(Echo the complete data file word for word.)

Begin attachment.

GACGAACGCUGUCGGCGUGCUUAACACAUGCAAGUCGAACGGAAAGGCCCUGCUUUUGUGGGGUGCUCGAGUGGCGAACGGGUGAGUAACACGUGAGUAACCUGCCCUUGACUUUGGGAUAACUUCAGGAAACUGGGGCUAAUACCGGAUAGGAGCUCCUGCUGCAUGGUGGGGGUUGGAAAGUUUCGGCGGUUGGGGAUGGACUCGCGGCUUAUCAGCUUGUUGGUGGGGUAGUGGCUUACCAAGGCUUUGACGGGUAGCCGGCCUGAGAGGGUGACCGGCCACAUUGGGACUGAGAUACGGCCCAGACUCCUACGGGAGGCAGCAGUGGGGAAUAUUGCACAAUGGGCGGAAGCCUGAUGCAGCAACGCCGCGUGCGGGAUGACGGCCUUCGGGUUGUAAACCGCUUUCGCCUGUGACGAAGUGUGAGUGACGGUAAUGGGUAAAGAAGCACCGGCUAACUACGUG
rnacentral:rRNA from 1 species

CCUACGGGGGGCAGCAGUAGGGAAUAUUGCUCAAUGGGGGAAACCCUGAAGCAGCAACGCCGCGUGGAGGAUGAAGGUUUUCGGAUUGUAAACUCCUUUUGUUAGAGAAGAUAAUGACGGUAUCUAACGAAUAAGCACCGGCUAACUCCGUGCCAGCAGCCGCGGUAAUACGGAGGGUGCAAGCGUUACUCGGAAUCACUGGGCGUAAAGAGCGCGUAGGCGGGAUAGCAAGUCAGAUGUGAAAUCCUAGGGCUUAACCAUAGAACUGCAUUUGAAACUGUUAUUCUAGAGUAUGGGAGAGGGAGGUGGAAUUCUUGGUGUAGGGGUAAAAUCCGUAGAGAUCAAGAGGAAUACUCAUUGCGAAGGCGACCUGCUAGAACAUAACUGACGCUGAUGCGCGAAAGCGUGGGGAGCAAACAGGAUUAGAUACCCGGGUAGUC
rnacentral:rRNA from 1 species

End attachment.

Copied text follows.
GACGAACGCUGUCGGCGUGCUUAACACAUGCAAGUCGAACGGAAAGGCCCUGCUUUUGUGGGGUGCUCGAGUGGCGAACGGGUGAGUAACACGUGAGUAACCUGCCCUUGACUUUGGGAUAACUUCAGGAAACUGGGGCUAAUACCGGAUAGGAGCUCCUGCUGCAUGGUGGGGGUUGGAAAGUUUCGGCGGUUGGGGAUGGACUCGCGGCUUAUCAGCUUGUUGGUGGGGUAGUGGCUUACCAAGGCUUUGACGGGUAGCCGGCCUGAGAGGGUGACCGGCCACAUUGGGACUGAGAUACGGCCCAGACUCCUACGGGAGGCAGCAGUGGGGAAUAUUGCACAAUGGGCGGAAGCCUGAUGCAGCAACGCCGCGUGCGGGAUGACGGCCUUCGGGUUGUAAACCGCUUUCGCCUGUGACGAAGUGUGAGUGACGGUAAUGGGUAAAGAAGCACCGGCUAACUACGUG
rnacentral:rRNA from 1 species

CCUACGGGGGGCAGCAGUAGGGAAUAUUGCUCAAUGGGGGAAACCCUGAAGCAGCAACGCCGCGUGGAGGAUGAAGGUUUUCGGAUUGUAAACUCCUUUUGUUAGAGAAGAUAAUGACGGUAUCUAACGAAUAAGCACCGGCUAACUCCGUGCCAGCAGCCGCGGUAAUACGGAGGGUGCAAGCGUUACUCGGAAUCACUGGGCGUAAAGAGCGCGUAGGCGGGAUAGCAAGUCAGAUGUGAAAUCCUAGGGCUUAACCAUAGAACUGCAUUUGAAACUGUUAUUCUAGAGUAUGGGAGAGGGAGGUGGAAUUCUUGGUGUAGGGGUAAAAUCCGUAGAGAUCAAGAGGAAUACUCAUUGCGAAGGCGACCUGCUAGAACAUAACUGACGCUGAUGCGCGAAAGCGUGGGGAGCAAACAGGAUUAGAUACCCGGGUAGUC
rnacentral:rRNA from 1 species